It doesn't get any more Australian than this. The CARI logo, a stylised rendering of a pair of koalas sketched for us by Sydney artist Oliver Watts, quickly identifies the guidelines as Australian and suggests renal impairment to those up on their koala lore.
The name koala is thought to derive from an Aboriginal dialect once common in what is now New South Wales, with transcriptions varying from koolewong to cullewine. In any case, the name koala seems a bit better suited to the friendly looking little bloke or sheila than its Latin moniker Phascolarctus cinereus.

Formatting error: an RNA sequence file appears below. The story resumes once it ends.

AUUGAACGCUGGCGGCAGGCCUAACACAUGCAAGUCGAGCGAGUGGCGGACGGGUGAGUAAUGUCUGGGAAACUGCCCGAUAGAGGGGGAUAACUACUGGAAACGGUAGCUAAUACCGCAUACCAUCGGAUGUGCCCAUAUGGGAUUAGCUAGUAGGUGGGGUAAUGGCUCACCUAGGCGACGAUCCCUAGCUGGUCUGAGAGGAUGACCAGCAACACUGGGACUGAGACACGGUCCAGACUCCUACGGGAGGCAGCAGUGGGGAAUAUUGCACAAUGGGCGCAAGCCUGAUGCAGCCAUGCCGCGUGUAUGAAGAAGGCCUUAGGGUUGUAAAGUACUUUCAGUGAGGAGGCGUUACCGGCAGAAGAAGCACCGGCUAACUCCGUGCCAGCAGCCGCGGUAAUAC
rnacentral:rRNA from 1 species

So where's the connection to the patient with renal impairment? Koala means 'no drink', coming from the traditional belief that the koala gets all its water from its food. So, of course, the koala would make an ideal dialysis patient (the human patient, however, generally enjoys a more varied diet than the koala's exclusive predilection for eucalyptus leaves). In addition, koalas, like many other Australian marsupials, are able to conserve water by producing small amounts of highly concentrated urine. The koala is an appropriate symbol for Australia's own renal guidelines.
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January 9, 2013
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